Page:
Japanese Tales of Fantasy & Folklore

Ninety Stories of Ghosts, Demons and Other Supernatural Beings from the Konjaku Monogatari

Tuttle Publishing
Translated by Naoshi Koriyama, Bruce Allen, foreword by Karen Thornber
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Supernatural tales from the most famous anthology in all of Japanese literature!

The Konjaku Monogatari Shu is a collection of tales from Buddhist and popular Japanese folklore that was compiled in the twelfth century. The stories in this book tell of fearsome demons, tengu goblins, kitsune fox spirits, flying hermits and gods who suddenly appear out of nowhere to rescue foolish humans. There are tales of vengeful animals, robbers, bandits and murderers, as well as ordinary people from all walks of life.

This volume contains the largest collection of Konjaku Monogatari stories ever translated into English. It presents the low and the high, the humble and the devout, and the flirting, farting and fornicating of everyday men and women.

The ninety tales in this book include:

  • A Clerk from Higo Province Escapes from a Demon's Scheme — A man riding his horse to work loses his way. A woman invites him to rest in her house, promising to help him, but the man soon realizes she is a demon, and flees. He hides in a cave, while the demon woman eats his horse. From deep in the cave comes the voice of another demon, and the man prays to Kannon, the Buddhist Goddess of Mercy, to save him. His prayers are heard, the demons release him, and he devouts himself to a life of piety.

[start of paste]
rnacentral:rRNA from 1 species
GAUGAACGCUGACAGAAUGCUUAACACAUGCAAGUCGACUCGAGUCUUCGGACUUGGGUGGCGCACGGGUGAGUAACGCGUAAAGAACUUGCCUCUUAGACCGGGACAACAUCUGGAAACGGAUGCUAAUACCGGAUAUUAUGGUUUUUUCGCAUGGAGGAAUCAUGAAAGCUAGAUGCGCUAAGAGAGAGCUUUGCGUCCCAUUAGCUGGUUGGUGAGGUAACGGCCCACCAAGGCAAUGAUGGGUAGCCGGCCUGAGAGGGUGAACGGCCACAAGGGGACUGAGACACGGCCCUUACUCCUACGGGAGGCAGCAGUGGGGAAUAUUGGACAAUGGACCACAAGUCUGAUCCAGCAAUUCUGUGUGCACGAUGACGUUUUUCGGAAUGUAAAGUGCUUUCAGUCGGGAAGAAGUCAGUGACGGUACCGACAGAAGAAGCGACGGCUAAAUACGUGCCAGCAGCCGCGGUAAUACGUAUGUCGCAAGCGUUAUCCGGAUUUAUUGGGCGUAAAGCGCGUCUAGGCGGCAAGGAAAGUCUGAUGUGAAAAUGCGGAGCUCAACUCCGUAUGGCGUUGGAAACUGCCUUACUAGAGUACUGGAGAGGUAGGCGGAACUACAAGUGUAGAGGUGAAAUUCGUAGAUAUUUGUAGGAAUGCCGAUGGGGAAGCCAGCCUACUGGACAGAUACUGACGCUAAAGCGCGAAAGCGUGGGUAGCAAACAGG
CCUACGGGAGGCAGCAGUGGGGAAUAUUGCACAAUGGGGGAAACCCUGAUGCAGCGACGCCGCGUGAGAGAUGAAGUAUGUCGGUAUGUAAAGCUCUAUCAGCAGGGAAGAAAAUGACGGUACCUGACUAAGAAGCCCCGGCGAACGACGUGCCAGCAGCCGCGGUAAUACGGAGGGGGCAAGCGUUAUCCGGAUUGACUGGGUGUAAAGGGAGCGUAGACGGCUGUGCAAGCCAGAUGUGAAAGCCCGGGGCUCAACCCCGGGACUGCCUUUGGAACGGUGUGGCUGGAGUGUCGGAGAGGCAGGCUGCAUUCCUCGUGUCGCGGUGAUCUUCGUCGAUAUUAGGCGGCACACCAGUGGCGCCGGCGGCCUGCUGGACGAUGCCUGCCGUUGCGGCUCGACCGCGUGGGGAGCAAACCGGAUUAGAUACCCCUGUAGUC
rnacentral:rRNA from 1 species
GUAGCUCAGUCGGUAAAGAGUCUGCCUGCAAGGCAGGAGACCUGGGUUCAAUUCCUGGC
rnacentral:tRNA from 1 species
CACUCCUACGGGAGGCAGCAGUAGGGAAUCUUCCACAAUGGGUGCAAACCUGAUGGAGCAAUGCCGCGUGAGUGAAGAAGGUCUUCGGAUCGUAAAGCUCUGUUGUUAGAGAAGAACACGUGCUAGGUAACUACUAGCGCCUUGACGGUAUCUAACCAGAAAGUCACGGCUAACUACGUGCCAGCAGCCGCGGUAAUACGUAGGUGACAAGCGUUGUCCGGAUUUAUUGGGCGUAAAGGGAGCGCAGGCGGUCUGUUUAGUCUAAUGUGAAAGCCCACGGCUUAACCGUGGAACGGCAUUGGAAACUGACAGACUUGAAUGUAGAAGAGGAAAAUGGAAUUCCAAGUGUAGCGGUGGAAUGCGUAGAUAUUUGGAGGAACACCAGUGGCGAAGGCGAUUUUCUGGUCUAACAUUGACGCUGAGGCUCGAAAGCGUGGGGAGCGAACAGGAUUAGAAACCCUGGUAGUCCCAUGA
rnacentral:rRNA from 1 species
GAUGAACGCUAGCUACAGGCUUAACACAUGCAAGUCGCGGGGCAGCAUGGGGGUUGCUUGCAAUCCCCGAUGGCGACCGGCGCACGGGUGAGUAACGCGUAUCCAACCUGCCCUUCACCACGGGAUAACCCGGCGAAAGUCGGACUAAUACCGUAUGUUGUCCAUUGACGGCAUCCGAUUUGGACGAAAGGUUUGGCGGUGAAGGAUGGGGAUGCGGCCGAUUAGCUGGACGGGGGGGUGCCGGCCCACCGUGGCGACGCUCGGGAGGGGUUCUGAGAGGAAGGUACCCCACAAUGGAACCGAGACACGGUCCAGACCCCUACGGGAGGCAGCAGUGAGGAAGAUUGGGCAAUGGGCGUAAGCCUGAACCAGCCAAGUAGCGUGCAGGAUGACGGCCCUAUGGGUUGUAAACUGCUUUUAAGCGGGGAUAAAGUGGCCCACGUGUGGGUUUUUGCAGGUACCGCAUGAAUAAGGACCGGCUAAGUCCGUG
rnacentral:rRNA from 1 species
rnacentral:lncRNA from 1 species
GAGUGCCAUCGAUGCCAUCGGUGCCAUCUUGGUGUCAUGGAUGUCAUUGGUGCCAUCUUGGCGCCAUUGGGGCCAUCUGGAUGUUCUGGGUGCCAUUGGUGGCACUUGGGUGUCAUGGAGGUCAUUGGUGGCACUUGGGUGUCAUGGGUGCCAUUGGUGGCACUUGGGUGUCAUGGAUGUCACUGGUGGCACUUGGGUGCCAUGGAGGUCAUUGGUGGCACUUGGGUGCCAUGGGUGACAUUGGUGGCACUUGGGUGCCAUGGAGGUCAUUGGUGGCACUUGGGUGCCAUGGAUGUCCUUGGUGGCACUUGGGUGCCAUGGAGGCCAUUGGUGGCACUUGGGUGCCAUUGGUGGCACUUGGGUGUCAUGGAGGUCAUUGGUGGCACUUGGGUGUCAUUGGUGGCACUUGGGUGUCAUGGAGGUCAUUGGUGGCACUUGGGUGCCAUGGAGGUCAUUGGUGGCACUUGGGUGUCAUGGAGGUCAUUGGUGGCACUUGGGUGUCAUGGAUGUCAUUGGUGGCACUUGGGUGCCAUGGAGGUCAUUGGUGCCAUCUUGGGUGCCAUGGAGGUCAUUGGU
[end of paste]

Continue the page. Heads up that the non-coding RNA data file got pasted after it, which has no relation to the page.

• Empress Somedono Is Abused by a Tengu Goblin — A beautiful empress is plagued by an evil spirit, but an exorcism by a mystical high priest banishes the spirit. Delighted, her father asks the priest to live with them in the palace, but the priest ends up falling in love with the empress. The only way he can live with himself is by taking the form of a tengu goblin and casting a spell over the empress so that she will give in to his demands.
  • A Fox Whose Ball is Returned Repays a Man's Kindness — A sorceress called to exorcise a haunted house discovers the spirit is a kitsune fox. A beautiful white ball materializes, belonging to the kitsune. A samurai, watching the exorcism, takes it. Desperate, the kitsune begs for its ball back, promising to protect the samurai, who reluctantly, agrees. One night, lost in the dark, the samurai calls on the kitsune for help and is guided safely home.
Contributor Bio

Naoshi Koriyama taught at Toyo University in Tokyo and is now Professor Emeritus. He is the translator of Like Underground Water: The Poetry of Mid-Twentieth Century Japan and numerous other books of verse.

Bruce Allen is Professor in the Department of English Language and Literature at Seisen University in Tokyo. He has translated several works of the Japanese writer Ishimure Michiko, including her novel Lake of Heaven.

Karen Thornber (foreword) is professor and chair of comparative literature, Harvard University; she is also chair of Harvard's Regional Studies East Asia Program and holds an additional faculty appointment in Harvard's Department of East Asian Languages and Civilizations. Her books include Empire of Texts in Motion: Chinese, Korean, and Taiwanese, Transculturations of Japanese Literature and Ecoambiguity: Environmental Crises and East Asian Literatures.